"In a cognitive sense, it’s true I am not back to where I was – I had a good memory and sharp analytical skills," David, 56, says. "But I have come a long way and in other senses, I am well ahead of where I was – in my ability to deal with life’s difficulties. I am calm and composed, I am more compassionate and my relationship with my three teenage daughters has improved as I am less irritable and much more present with them."
He details how he recovered in his new book "How I Rescued My Brain" and hopes he can inspire the UK’s one million stroke survivors. About 150,000 people have a stroke each year in Britain and half are left with disabilities. Although you can’t recover parts of the brain that are lost, you can “rewire” it so other parts take over.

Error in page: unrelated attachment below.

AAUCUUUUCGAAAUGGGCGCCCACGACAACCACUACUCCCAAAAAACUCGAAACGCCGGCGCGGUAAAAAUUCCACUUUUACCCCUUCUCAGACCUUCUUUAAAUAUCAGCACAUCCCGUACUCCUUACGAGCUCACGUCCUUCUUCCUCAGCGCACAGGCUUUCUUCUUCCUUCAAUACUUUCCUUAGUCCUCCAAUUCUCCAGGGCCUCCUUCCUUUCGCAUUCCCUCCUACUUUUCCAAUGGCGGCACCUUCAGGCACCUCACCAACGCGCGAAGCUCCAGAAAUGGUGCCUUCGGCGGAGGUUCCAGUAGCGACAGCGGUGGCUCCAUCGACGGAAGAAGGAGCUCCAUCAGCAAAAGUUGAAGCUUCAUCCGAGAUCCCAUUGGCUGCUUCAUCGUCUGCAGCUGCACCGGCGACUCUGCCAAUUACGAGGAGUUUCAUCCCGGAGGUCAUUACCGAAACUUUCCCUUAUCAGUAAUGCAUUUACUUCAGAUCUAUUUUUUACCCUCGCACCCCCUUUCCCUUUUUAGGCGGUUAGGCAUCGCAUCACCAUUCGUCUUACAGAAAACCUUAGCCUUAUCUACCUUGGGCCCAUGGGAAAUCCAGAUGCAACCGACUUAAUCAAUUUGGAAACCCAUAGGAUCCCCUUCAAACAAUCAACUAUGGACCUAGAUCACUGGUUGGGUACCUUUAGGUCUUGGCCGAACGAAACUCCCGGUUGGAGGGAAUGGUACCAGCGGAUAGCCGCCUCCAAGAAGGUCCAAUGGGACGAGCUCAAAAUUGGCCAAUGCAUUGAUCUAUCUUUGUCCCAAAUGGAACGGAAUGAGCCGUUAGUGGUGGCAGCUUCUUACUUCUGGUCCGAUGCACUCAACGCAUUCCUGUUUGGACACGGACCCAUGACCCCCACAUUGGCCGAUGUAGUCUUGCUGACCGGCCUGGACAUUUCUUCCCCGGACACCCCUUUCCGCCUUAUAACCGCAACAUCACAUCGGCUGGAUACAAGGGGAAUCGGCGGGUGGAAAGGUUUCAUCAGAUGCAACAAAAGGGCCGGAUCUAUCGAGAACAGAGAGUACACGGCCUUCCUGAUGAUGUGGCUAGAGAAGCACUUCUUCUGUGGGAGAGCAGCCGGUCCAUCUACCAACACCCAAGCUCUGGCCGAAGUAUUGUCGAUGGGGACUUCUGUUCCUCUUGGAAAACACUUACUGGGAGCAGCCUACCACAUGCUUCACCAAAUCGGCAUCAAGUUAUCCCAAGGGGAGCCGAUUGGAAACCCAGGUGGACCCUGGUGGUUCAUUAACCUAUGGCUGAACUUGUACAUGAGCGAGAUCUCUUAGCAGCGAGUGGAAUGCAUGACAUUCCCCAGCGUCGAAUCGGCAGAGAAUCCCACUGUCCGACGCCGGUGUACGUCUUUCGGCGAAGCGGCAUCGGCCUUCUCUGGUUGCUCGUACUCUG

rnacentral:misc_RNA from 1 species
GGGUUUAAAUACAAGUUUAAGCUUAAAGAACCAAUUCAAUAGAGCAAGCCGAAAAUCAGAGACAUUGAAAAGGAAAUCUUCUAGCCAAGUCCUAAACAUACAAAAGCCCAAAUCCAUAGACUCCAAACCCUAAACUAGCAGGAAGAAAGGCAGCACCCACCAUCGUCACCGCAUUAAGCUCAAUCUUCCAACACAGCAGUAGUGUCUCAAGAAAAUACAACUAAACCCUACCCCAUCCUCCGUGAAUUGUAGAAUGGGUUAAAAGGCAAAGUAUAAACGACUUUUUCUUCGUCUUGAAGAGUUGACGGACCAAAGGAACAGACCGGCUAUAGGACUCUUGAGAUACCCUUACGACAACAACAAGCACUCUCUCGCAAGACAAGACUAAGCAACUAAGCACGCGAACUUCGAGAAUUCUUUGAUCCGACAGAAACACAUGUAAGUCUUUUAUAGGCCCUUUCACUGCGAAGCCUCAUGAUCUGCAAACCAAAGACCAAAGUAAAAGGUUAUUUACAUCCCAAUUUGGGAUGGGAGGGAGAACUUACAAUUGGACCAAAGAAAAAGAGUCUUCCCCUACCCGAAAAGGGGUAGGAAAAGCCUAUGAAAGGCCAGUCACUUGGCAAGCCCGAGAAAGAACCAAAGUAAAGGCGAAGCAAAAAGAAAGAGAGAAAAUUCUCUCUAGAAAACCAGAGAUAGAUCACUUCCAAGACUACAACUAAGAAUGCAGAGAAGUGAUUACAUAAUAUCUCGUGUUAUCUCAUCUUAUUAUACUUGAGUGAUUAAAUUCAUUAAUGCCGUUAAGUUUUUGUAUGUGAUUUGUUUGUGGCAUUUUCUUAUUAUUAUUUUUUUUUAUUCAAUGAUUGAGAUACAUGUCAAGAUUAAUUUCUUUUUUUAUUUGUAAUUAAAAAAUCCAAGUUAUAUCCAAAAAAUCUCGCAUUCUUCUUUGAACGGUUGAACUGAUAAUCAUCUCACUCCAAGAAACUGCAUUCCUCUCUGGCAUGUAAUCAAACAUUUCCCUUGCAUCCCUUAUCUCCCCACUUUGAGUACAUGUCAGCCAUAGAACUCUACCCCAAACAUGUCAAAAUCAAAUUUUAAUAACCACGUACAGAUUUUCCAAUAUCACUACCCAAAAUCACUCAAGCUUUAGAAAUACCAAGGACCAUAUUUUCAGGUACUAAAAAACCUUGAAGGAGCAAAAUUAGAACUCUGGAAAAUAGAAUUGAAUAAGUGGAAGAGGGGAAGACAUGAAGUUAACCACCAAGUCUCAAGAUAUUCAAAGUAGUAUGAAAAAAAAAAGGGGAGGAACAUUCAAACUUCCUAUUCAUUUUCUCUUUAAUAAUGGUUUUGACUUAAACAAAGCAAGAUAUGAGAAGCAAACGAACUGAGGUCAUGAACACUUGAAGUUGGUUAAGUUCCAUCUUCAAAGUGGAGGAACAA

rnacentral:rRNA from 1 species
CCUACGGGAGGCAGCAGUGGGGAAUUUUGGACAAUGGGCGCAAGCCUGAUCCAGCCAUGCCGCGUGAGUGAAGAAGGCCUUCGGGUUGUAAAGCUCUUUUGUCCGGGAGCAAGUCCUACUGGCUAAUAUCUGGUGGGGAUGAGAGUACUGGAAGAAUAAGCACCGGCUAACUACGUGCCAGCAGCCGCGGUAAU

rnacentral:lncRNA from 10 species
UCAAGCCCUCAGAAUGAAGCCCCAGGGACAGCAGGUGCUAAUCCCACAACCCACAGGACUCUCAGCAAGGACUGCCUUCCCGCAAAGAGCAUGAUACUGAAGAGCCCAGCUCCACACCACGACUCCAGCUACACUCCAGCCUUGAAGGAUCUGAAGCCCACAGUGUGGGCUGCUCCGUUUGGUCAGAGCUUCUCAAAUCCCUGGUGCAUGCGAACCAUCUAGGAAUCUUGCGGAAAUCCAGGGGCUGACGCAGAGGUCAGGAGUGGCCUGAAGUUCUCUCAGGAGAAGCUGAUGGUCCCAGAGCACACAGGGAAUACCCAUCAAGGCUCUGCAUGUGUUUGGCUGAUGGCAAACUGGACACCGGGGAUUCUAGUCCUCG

"The first three to six months after a stroke are likely to show the best recovery, and sometimes people are told they won’t recover any more after that, but the research shows you can even years later," says Dr Shamim Quadir from the Stroke Association.I like the last phrase in the last quote - you can see improvement even years later. There's a bit of a mindset in certain corners of health care that six weeks after anything is all the recovery you're going to get. That's just too simple and often wrong.